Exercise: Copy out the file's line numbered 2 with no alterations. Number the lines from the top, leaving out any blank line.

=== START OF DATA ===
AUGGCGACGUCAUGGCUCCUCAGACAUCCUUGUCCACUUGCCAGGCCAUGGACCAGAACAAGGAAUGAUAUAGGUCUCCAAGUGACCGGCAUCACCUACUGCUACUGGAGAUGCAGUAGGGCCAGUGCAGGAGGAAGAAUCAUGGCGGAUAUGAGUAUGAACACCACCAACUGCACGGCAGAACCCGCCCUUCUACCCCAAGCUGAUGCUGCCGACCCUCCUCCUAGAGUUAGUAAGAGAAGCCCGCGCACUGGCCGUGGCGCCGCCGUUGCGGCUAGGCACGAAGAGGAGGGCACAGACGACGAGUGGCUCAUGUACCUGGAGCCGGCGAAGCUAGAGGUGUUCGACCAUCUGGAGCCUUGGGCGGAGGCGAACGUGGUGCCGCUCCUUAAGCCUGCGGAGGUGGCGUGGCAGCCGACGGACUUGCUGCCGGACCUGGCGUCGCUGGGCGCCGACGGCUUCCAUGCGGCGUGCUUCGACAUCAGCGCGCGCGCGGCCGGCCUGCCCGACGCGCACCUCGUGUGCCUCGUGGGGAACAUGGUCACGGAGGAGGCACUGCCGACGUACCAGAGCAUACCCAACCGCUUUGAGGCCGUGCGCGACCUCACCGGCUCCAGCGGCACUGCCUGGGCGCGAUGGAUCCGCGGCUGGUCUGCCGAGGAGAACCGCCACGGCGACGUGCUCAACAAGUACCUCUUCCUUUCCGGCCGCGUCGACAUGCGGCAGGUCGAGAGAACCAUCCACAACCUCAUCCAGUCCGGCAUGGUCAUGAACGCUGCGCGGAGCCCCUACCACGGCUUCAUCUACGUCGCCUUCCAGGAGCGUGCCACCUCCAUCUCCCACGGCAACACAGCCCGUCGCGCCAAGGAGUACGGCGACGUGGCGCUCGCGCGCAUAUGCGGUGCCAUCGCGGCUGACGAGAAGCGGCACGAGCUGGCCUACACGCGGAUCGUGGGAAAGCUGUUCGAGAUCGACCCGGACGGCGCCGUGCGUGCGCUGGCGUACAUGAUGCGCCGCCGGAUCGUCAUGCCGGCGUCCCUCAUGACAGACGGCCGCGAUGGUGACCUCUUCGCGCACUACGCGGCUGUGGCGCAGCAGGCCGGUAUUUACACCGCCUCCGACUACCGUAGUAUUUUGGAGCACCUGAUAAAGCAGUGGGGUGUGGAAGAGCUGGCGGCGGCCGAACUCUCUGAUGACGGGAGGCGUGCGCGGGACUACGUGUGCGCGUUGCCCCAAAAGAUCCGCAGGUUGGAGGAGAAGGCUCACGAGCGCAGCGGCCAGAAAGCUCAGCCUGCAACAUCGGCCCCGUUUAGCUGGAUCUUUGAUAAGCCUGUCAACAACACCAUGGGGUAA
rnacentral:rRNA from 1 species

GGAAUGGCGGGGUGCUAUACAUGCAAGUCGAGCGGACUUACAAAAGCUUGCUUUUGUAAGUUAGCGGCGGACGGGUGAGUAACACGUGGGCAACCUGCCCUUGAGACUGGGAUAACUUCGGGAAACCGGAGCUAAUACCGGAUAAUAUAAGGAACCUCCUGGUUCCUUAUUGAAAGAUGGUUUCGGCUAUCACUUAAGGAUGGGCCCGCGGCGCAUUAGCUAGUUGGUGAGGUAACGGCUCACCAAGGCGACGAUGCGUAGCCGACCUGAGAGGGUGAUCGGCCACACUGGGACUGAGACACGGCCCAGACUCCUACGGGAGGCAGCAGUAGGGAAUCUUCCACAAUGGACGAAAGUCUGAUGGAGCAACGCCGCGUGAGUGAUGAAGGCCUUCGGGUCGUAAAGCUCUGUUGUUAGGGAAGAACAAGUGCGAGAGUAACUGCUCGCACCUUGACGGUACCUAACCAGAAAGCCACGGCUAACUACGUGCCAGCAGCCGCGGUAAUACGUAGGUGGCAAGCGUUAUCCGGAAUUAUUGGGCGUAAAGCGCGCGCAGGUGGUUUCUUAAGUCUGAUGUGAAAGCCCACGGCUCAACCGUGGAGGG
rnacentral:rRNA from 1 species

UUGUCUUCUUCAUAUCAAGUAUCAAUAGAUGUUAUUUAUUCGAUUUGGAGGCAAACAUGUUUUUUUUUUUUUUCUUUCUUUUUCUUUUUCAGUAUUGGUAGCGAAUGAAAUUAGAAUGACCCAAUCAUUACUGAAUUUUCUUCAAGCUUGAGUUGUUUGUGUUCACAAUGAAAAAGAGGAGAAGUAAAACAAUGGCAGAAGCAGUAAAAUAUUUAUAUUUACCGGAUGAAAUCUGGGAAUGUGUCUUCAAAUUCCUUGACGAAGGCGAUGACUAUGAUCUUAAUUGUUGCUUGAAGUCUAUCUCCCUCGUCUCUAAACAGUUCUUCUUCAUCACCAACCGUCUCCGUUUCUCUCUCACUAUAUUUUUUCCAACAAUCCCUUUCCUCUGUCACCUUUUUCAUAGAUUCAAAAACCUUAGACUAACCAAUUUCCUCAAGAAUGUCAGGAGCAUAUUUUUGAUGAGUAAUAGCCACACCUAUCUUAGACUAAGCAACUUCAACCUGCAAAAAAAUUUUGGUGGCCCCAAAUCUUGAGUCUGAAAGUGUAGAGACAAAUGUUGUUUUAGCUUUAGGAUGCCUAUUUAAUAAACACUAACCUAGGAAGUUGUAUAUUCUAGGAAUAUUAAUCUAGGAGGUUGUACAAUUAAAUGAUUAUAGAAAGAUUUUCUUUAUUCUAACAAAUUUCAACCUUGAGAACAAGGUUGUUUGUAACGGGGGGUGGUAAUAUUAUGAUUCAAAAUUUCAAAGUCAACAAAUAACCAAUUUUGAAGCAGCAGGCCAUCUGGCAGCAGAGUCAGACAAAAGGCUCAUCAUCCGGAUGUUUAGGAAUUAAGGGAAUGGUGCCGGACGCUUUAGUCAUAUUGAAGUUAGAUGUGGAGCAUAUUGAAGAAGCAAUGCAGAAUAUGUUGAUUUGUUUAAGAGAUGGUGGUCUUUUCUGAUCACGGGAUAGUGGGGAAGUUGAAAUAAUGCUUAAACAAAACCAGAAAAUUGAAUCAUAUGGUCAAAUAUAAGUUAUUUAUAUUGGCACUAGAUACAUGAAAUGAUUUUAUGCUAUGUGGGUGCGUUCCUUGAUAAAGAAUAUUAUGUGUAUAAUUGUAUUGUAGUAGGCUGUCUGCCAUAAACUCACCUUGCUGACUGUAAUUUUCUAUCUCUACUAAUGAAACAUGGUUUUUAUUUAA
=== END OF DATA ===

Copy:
rnacentral:rRNA from 1 species